Cookbook

12 Most Popular Costa Rican Desserts

Written by ibxis

Everyone knows that traveling is the perfect excuse to try new exotic and delicious food. And while we may not all have a sweet tooth, who doesn’t enjoy something sweet from time to time? We have all felt tempted to be seduced by a sinful dessert after a good meal, or to snack on something sweet at any time of day, right?

This beautiful tropical paradise not only offers natural havens but delicious sweets too. So if Costa Rica is on your bucket list, rest assured that any sweet cravings will surely be satisfied by Costa Rican desserts.

Pamper your sense of taste and give any or all of the following sweets and desserts a try; you won’t regret it! Can you wait to put it to the test?

1. Rice Pudding

Rice Pudding

Rice is one of the most common carbohydrates in Costa Rica. It is often served for lunch or supper, along with meat and side dishes; However, do not be surprised to see it on the dessert menu too.

Rice pudding is a favorite sweet for Costa Ricans (and most Latin Americans) and has been homemade for centuries. It consists of a creamy and yet consistent mix of rice, condensed milk, and cinnamon.

This dish has evolved over the years, incorporating more ingredients. Some of the commonly added ingredients nowadays include raisins, grated apple, sliced ​​almonds, ginger, nutmeg, lemon or orange zest, and/or rum. It can be enjoyed hot or cold.

2. Chiverre Empanadas

Chiverre Empanadas
Photo Credit: Martina & Florentina

Traditional chiverre empanadas are one of the classic and popular sweets enjoyed by Costa Ricans, mainly during Holy Week festivities. Chiverre honey is a typical preserve that can be eaten by itself or inside empanadas.

Chiverre is a vegetable that is usually consumed as a sweet treat. On the outside, chiverre looks like a large watermelon but is whitish on the inside and with a pumpkin-like texture. Chiverre is left in the sun for several days before being cooked. Once it is ready to use, it is washed, the shell is removed, and it is cut in half and the seeds removed.

Cut into cubes, chiverre is cooked with sugar cane juice, cloves, cinnamon, and water until it is tender. The end result is a sticky and chewy mix, as the sugar cane caramelizes the chiverre. This mix is ​​used to fill small empanadas. People buy them in bags of 6 at supermarkets or in certain coffee shops. They are absolutely delicious!

3. Prestiños

Prestiños
Photo Credit: Melina Bolanos

Although originally from Spain, prestiños have become an integral part of Costa Rican sweet treats. Prestiños are made from a dough that combines flour, egg, salt, and water.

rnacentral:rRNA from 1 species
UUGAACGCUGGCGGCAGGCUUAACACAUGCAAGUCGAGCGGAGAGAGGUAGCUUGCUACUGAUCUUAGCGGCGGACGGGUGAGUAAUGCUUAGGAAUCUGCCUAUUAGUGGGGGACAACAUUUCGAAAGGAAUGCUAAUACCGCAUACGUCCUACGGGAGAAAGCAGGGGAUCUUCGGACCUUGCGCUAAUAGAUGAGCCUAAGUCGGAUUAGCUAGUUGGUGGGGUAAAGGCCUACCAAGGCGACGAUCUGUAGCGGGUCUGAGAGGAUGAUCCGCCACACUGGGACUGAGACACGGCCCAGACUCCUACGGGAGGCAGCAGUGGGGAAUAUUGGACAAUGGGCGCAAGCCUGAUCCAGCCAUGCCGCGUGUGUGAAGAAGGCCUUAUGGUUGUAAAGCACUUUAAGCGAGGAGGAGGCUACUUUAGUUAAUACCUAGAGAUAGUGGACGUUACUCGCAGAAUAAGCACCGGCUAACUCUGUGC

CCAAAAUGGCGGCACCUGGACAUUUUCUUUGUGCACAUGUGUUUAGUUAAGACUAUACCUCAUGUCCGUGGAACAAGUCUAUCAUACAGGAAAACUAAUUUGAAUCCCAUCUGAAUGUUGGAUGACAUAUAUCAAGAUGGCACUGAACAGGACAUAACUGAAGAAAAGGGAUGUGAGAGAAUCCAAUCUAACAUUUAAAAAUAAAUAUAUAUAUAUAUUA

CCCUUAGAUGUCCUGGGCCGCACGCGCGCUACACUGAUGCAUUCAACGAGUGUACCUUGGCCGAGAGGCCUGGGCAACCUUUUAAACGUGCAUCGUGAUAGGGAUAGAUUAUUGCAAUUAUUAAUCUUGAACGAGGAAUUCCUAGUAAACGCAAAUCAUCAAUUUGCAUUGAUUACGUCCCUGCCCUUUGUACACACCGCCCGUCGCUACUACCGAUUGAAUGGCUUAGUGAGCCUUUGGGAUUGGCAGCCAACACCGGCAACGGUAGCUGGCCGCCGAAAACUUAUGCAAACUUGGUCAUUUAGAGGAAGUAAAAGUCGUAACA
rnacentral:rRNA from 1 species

The dough is formed into small- to medium-sized thin circles which are placed in a fryer and cooked until they turn golden and crisp. They are then covered with a sugar cane syrup. You will surely want to taste more than one, so make room for them!

4. Cajetas

Cajetas

Cajetas in Costa Rica are a treat as old as the trees. They are a type of nougat formed into different shapes and sizes: large, small, round, square, etc. There are several types but the most popular are those made with Pinito milk (Pinito being a very famous, local brand of especially made milk powder), coconut or peanuts.

They are all delicious and super flavorful. Those made with Pinito milk tend to be decorated with nuts or dried fruit, while the coconut and peanut cajetas are loaded with other ingredients. They all have a consistent texture and can be easily found all year long in supermarkets or small grocery shops.

5. Churchill

Churchill
Photo Credit: Adventure Tours Costa Rica

Churchill is a typical dessert of the province of Puntarenas, on the country’s Pacific coast. This is a cold dessert made with shaved ice and sweetened with red syrup. Powdered milk is added to the ice and it is topped with condensed milk and 2 scoops of ice cream, and it is then served in a glass with a couple of wafers, a straw, and a spoon.

Churchill is considered an upgrade from a regular granita or slush, which is simply shaved iced with a flavored syrup. Churchill exceed expectations for anyone craving a sweet and cold treat on a sunny day.

6. Manzanas Escarchadas

Manzanas Escarchadas
Photo Credit: Franssen Bakery

No matter what little town you visit in Costa Rica, if there is a local fair, you will always find manzanas escarchadas, candied apples. The traditional manzana escarchada is dipped in thick sugar syrup. However, now there are variations that include caramel, syrup and peanuts, chocolate, and syrup with popcorn, so you won’t run out of choices.

Manzanas escarchadas have a long stick poked into the center, making it easy to eat without getting the sugary toppings all over your hands. This is a very fun treat, especially enjoyed by kids.